Love and scandal are the best sweeteners of tea. —Henry Fielding

23 July 2010

I Love Tristan Tzara

Today I finished a book that collects all of Tristan Tzara's poems in a single volume called Chanson Dada. It's a fabulous little book and it gives real insight, not only into Tzara's ability as a poet – if you only think of him as an opportunist or a cheerleader, reading his poems will disabuse you of this belief instantly – but also tracks the trajectory of his work: as a Dada, as a surrealist, as an anti-war Marxist.

I love his nonsense poems, of course, particularly because they are precisely not nonsense. Some of his poetry is very sad, of course, being anti-war, but some of it also very funny. Take the following, for example, from "The Seaman":

manhattan there are buckets of shit in front of you
mbaze mbaze bazebaze mleganga garoo
you flow quickly into me
kangaroos in the boat's entrails
wait I'm first going to put my impressions in order
the seated trippers lace at the water's edge
thrust your fingers in the sockets so that the light bursts like grenades

There is so much there!

Some of the poetry displays real unadorned grief, as well, as in "The Death of Guillaume Apollinaire":

we know nothing / we knew nothing of grief / the bitter season of cold / carves long scars in our muscles / he would have sooner loved the joy of victory / wise with quiet sadnesses / caged / can do nothing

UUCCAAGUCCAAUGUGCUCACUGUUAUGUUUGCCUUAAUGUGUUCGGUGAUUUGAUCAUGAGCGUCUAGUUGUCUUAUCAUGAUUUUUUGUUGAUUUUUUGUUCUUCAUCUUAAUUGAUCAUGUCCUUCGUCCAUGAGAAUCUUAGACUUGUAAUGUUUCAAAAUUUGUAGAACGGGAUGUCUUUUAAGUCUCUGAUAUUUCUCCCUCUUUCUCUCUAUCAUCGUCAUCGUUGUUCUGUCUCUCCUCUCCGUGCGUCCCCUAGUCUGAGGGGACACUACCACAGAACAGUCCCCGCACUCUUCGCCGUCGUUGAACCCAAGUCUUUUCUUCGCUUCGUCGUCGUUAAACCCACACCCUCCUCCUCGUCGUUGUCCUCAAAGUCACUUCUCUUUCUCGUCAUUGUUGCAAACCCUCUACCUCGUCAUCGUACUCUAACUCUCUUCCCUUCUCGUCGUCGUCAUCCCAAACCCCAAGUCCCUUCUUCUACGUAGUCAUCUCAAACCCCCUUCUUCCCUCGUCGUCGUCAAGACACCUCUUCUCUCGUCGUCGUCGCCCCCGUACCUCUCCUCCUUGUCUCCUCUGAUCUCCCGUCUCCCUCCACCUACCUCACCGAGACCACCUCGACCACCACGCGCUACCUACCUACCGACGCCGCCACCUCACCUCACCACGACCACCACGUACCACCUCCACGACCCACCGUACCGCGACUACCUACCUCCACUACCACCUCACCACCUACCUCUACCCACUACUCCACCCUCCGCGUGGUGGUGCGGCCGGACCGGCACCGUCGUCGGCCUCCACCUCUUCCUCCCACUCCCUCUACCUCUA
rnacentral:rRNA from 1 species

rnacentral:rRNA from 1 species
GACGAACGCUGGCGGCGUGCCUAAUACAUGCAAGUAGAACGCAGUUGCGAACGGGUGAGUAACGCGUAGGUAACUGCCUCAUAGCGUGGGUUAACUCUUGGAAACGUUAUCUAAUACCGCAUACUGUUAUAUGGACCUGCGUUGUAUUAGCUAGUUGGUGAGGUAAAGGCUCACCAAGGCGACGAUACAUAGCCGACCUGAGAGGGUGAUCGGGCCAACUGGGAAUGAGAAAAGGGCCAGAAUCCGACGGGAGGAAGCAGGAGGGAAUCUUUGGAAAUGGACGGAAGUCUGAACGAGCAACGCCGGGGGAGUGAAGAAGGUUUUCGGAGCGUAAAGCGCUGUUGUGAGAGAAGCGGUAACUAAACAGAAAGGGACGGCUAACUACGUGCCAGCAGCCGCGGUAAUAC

And then check out this poem, called "Dada Song":
1.
the song of a dadaist
who had dada in his heart
so over-taxed his ticker
that had dada in its heart

the elevator carried a king
weighty brittle independent
he cut off his long right arm
sent it to the pope in rome

that's why
the elevator
no longer had dada in its heart

eat chocolate
wash your brain
dada
dada
drink water

2.
the song of a dadaist
who wasn't glad wasn't sad
and was in love with a lady cyclist
who wasn't glad wasn't sad

but the husband on new year's day
knew all and in a fit
dispatched to the vatican
their two bodies in three suitcases

neither the lover
nor the lady cyclist
were glad or sad any longer

eat excellent brains
wash your soldier
dada
dada
drink water

3.
the song of a cyclist
who was dada-hearted
who was then a dadaist
like all the dada-hearted

a snake was wearing gloves
he quickly shut the valve
popped on some snake skin gloves
and came and kissed the pope

it's touching
belly in flower
no longer had dada in its heart

drink bird milk
wash your chocolates
dada
dada
eat veal

I honestly laughed out loud when I read this last one.